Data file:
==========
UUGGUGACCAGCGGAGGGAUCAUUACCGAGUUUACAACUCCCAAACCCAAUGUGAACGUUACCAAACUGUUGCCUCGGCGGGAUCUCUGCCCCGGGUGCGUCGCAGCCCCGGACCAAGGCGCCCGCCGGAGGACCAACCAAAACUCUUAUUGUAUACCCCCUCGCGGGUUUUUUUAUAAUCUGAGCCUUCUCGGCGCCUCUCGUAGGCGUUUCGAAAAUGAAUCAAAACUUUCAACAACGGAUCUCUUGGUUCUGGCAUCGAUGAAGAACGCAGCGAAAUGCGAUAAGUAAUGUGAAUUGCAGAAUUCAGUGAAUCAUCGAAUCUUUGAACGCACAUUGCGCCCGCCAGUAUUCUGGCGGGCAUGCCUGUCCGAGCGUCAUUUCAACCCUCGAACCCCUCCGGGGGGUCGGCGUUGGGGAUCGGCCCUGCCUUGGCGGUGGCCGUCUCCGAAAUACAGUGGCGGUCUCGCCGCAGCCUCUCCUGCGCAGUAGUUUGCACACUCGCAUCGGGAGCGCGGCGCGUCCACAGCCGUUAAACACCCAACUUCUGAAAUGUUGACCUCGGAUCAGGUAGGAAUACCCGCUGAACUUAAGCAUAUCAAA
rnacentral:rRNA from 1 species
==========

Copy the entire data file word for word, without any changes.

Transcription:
UUGGUGACCAGCGGAGGGAUCAUUACCGAGUUUACAACUCCCAAACCCAAUGUGAACGUUACCAAACUGUUGCCUCGGCGGGAUCUCUGCCCCGGGUGCGUCGCAGCCCCGGACCAAGGCGCCCGCCGGAGGACCAACCAAAACUCUUAUUGUAUACCCCCUCGCGGGUUUUUUUAUAAUCUGAGCCUUCUCGGCGCCUCUCGUAGGCGUUUCGAAAAUGAAUCAAAACUUUCAACAACGGAUCUCUUGGUUCUGGCAUCGAUGAAGAACGCAGCGAAAUGCGAUAAGUAAUGUGAAUUGCAGAAUUCAGUGAAUCAUCGAAUCUUUGAACGCACAUUGCGCCCGCCAGUAUUCUGGCGGGCAUGCCUGUCCGAGCGUCAUUUCAACCCUCGAACCCCUCCGGGGGGUCGGCGUUGGGGAUCGGCCCUGCCUUGGCGGUGGCCGUCUCCGAAAUACAGUGGCGGUCUCGCCGCAGCCUCUCCUGCGCAGUAGUUUGCACACUCGCAUCGGGAGCGCGGCGCGUCCACAGCCGUUAAACACCCAACUUCUGAAAUGUUGACCUCGGAUCAGGUAGGAAUACCCGCUGAACUUAAGCAUAUCAAA
rnacentral:rRNA from 1 species